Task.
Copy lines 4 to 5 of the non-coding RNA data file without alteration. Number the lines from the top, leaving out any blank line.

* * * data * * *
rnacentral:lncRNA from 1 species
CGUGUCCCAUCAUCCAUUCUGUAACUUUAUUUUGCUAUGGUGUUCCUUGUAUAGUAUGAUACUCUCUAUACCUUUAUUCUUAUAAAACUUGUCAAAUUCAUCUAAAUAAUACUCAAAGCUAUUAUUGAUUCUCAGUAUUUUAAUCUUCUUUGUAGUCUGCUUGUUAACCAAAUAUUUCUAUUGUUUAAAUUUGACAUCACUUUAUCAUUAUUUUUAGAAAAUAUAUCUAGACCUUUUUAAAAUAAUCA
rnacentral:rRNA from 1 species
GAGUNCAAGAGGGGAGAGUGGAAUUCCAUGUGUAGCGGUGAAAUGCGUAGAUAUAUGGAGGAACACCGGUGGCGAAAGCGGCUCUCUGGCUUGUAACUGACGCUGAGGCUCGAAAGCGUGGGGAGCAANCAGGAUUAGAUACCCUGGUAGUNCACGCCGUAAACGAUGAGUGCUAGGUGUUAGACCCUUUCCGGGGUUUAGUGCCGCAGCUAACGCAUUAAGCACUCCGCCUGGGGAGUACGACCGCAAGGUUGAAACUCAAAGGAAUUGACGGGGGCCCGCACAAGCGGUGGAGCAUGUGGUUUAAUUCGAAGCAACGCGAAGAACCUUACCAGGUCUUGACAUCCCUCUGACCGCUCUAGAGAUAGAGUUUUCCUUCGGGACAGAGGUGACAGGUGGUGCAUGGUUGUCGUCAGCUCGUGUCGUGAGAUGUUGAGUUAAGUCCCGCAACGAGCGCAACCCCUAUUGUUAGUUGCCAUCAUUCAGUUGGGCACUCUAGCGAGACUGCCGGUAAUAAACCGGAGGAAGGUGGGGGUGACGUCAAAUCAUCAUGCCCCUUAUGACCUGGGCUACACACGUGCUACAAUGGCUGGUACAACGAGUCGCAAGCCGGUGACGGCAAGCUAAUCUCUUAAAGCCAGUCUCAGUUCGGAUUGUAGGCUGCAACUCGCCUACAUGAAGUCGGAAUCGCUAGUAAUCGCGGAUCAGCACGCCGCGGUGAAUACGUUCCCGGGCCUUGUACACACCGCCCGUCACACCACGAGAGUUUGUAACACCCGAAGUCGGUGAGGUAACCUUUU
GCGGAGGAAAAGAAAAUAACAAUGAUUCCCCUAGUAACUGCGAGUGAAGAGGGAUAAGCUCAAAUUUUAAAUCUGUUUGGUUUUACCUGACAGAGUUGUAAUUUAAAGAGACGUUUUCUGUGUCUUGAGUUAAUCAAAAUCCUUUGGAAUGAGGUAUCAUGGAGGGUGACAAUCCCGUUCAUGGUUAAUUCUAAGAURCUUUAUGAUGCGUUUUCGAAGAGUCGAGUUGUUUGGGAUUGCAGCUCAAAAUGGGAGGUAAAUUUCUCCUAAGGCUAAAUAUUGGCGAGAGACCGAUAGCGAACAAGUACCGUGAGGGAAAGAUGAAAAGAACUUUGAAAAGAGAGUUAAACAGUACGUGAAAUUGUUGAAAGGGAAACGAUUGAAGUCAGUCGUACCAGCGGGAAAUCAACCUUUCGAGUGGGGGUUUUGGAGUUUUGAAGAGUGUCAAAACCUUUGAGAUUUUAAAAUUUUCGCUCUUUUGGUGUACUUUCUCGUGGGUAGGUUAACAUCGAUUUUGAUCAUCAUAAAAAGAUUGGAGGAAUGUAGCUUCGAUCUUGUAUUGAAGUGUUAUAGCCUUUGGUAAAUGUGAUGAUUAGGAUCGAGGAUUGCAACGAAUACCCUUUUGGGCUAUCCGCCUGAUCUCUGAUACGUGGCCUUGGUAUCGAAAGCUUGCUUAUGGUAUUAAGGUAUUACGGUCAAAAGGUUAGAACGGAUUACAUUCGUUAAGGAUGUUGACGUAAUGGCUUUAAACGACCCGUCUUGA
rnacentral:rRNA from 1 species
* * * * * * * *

GAGUNCAAGAGGGGAGAGUGGAAUUCCAUGUGUAGCGGUGAAAUGCGUAGAUAUAUGGAGGAACACCGGUGGCGAAAGCGGCUCUCUGGCUUGUAACUGACGCUGAGGCUCGAAAGCGUGGGGAGCAANCAGGAUUAGAUACCCUGGUAGUNCACGCCGUAAACGAUGAGUGCUAGGUGUUAGACCCUUUCCGGGGUUUAGUGCCGCAGCUAACGCAUUAAGCACUCCGCCUGGGGAGUACGACCGCAAGGUUGAAACUCAAAGGAAUUGACGGGGGCCCGCACAAGCGGUGGAGCAUGUGGUUUAAUUCGAAGCAACGCGAAGAACCUUACCAGGUCUUGACAUCCCUCUGACCGCUCUAGAGAUAGAGUUUUCCUUCGGGACAGAGGUGACAGGUGGUGCAUGGUUGUCGUCAGCUCGUGUCGUGAGAUGUUGAGUUAAGUCCCGCAACGAGCGCAACCCCUAUUGUUAGUUGCCAUCAUUCAGUUGGGCACUCUAGCGAGACUGCCGGUAAUAAACCGGAGGAAGGUGGGGGUGACGUCAAAUCAUCAUGCCCCUUAUGACCUGGGCUACACACGUGCUACAAUGGCUGGUACAACGAGUCGCAAGCCGGUGACGGCAAGCUAAUCUCUUAAAGCCAGUCUCAGUUCGGAUUGUAGGCUGCAACUCGCCUACAUGAAGUCGGAAUCGCUAGUAAUCGCGGAUCAGCACGCCGCGGUGAAUACGUUCCCGGGCCUUGUACACACCGCCCGUCACACCACGAGAGUUUGUAACACCCGAAGUCGGUGAGGUAACCUUUU
GCGGAGGAAAAGAAAAUAACAAUGAUUCCCCUAGUAACUGCGAGUGAAGAGGGAUAAGCUCAAAUUUUAAAUCUGUUUGGUUUUACCUGACAGAGUUGUAAUUUAAAGAGACGUUUUCUGUGUCUUGAGUUAAUCAAAAUCCUUUGGAAUGAGGUAUCAUGGAGGGUGACAAUCCCGUUCAUGGUUAAUUCUAAGAURCUUUAUGAUGCGUUUUCGAAGAGUCGAGUUGUUUGGGAUUGCAGCUCAAAAUGGGAGGUAAAUUUCUCCUAAGGCUAAAUAUUGGCGAGAGACCGAUAGCGAACAAGUACCGUGAGGGAAAGAUGAAAAGAACUUUGAAAAGAGAGUUAAACAGUACGUGAAAUUGUUGAAAGGGAAACGAUUGAAGUCAGUCGUACCAGCGGGAAAUCAACCUUUCGAGUGGGGGUUUUGGAGUUUUGAAGAGUGUCAAAACCUUUGAGAUUUUAAAAUUUUCGCUCUUUUGGUGUACUUUCUCGUGGGUAGGUUAACAUCGAUUUUGAUCAUCAUAAAAAGAUUGGAGGAAUGUAGCUUCGAUCUUGUAUUGAAGUGUUAUAGCCUUUGGUAAAUGUGAUGAUUAGGAUCGAGGAUUGCAACGAAUACCCUUUUGGGCUAUCCGCCUGAUCUCUGAUACGUGGCCUUGGUAUCGAAAGCUUGCUUAUGGUAUUAAGGUAUUACGGUCAAAAGGUUAGAACGGAUUACAUUCGUUAAGGAUGUUGACGUAAUGGCUUUAAACGACCCGUCUUGA